Ben Horowitz:

“Training is, quite simply, one of the highest-leverage activities a manger can perform. Consider for a moment the possibility of your putting on a series of four lectures for members of your department. Let’s count on three hours preparation for each hour of course time—twelve hours of work in total. Say that you have ten students in your class. Next year they will work a total of about twenty thousand hours for your organization. If your training efforts result in a 1 percent improvement in you subordinates’ performance, you company will gain the equivalent of two hundred hours of work as the result of the expenditure of your twelve hours…

“When people interview managers, they often like to ask: have you fired anyone? Or how many people have you fired? Or how would you go about firing someone? These are all fine questions, but often the right question is the one that isn’t asked: When you fired the person, how did you know with certainty that the employee both understood the expectations of the job and were missing them? The best answer is that the manager clearly set expectations when she trained the employee for the job. If you don’t train your people, you establish no basis for performance management. As a result, performance management in your company will be sloppy and inconsistent…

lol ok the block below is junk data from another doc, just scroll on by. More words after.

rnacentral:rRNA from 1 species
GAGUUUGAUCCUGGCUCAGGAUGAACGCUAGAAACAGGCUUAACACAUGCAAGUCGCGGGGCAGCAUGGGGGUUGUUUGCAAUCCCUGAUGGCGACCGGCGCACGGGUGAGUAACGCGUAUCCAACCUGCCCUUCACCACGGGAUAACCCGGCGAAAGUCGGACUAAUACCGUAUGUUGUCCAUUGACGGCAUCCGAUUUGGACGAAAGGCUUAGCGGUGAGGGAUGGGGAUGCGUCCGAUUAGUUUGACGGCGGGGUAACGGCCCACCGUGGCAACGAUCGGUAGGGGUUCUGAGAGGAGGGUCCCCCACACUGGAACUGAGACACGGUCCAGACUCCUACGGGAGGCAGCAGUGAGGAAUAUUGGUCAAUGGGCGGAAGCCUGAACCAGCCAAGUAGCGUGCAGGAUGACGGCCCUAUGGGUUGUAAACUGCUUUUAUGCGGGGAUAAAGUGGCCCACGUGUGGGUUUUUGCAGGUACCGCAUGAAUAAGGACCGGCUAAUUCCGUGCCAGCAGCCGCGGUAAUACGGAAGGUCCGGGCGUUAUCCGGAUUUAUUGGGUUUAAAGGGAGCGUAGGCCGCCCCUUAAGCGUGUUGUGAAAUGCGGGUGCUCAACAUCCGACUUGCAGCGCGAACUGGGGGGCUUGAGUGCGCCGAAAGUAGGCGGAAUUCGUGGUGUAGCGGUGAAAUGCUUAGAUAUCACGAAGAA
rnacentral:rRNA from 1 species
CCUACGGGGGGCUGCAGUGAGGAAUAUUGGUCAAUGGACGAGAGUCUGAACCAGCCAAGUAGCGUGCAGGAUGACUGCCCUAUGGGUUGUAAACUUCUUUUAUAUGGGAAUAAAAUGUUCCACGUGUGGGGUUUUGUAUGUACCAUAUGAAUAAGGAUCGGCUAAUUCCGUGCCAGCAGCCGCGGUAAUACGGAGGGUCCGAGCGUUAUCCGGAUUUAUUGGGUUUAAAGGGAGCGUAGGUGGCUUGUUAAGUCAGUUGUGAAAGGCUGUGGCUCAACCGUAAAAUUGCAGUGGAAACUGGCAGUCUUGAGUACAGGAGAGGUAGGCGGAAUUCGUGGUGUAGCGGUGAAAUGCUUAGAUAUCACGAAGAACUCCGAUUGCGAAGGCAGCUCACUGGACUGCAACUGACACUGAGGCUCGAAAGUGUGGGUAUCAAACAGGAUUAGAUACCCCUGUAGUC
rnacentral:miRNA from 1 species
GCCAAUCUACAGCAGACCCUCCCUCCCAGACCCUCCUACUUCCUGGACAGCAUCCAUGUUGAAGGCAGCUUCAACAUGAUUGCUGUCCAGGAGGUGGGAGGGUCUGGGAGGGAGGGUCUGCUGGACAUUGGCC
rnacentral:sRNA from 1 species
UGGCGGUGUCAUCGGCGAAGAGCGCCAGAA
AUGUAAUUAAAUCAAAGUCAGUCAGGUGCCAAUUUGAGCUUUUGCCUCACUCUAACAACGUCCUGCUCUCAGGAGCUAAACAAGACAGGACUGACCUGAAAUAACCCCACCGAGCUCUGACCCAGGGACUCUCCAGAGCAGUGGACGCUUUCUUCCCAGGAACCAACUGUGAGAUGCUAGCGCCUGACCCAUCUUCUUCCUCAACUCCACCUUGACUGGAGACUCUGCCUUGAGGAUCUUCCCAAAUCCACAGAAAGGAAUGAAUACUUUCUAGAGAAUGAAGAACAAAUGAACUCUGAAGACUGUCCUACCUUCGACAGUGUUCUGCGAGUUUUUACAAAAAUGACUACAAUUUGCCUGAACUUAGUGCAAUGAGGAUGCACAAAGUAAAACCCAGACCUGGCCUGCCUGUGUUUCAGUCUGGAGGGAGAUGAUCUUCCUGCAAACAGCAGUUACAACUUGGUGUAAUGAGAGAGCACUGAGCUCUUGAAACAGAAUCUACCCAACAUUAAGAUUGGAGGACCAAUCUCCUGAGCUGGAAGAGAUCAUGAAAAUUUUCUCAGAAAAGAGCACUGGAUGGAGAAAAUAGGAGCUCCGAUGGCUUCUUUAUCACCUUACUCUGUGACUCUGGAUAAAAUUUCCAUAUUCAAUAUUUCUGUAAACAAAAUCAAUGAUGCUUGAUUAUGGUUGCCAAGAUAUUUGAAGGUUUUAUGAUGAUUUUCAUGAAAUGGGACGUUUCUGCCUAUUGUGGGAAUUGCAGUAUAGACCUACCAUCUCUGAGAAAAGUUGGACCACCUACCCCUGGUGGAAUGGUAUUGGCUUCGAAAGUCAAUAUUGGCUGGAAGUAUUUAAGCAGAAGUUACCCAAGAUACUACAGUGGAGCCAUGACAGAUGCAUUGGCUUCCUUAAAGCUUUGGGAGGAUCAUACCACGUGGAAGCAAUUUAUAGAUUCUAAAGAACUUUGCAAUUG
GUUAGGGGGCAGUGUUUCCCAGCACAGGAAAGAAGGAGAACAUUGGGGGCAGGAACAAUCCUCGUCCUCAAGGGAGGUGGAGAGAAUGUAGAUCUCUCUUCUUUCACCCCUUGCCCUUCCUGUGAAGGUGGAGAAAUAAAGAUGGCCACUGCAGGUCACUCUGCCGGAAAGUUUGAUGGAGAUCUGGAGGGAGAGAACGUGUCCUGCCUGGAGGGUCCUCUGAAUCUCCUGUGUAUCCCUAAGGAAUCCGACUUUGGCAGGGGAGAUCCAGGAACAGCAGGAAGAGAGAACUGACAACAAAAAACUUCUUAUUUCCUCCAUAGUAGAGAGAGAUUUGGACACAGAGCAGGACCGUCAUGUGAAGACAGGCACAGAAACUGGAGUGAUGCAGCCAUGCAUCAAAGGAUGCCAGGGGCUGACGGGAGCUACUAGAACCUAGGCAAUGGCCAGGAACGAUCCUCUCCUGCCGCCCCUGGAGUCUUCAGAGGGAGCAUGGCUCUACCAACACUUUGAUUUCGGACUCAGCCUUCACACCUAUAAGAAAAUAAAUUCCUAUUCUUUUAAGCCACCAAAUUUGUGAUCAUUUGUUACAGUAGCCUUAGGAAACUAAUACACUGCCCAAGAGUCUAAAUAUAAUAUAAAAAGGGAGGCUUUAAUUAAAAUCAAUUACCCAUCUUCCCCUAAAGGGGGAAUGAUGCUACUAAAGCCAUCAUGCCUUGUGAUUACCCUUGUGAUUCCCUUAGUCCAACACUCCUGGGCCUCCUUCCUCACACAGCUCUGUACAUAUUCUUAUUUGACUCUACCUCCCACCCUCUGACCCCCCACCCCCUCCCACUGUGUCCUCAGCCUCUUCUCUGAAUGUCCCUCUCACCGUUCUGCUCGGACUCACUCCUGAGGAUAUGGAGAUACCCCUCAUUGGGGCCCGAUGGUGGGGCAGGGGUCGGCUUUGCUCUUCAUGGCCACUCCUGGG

“Andy Grove writes, there are only two ways for a manager to improve the output of an employee: motivation and training.”

Read the full post.

Ben’s post reminds me of classic Peter Drucker. For examples, see Drucker’s Management by Objectives and other writings by Drucker.

Topics Employees · Resources

4 comments · Show

  • Chris Khoo

    Out of curiosity, what does a picture of Michael Jackson with Ben have to do with training in startups?

  • Dnyanraj

    There is no guaranty of the person staying in the company if he/she is been trained..

    My experience with people in startup is, they start looking for another job in 6 months to 1 year, so better recruit the people with the skill that you require, rather than training them after they join the company..

  • Mohammed Shahbaaz Hussain

    I agree with you @Dnyanraj . There is no guarantee, people will return back after getting training from a startup….They look for better offers or big company etc… If you offer them some stock options, then may be the things will be different, this happens mostly at startups…

  • Gaith Saqer

    well from my experience, DO NOTE HIRE SOMEONE WHO HAS NO SKILLS RELEVANT TO your startup or industry, and make sure they are passionate about it. IF they do not read a relevant blog, do not hire them in the beginning and do not waste your time on training bc at the end you will fire them.
    A startup is made of small teams, training should me minimal, people should learn by themselves. that is why we have the internet.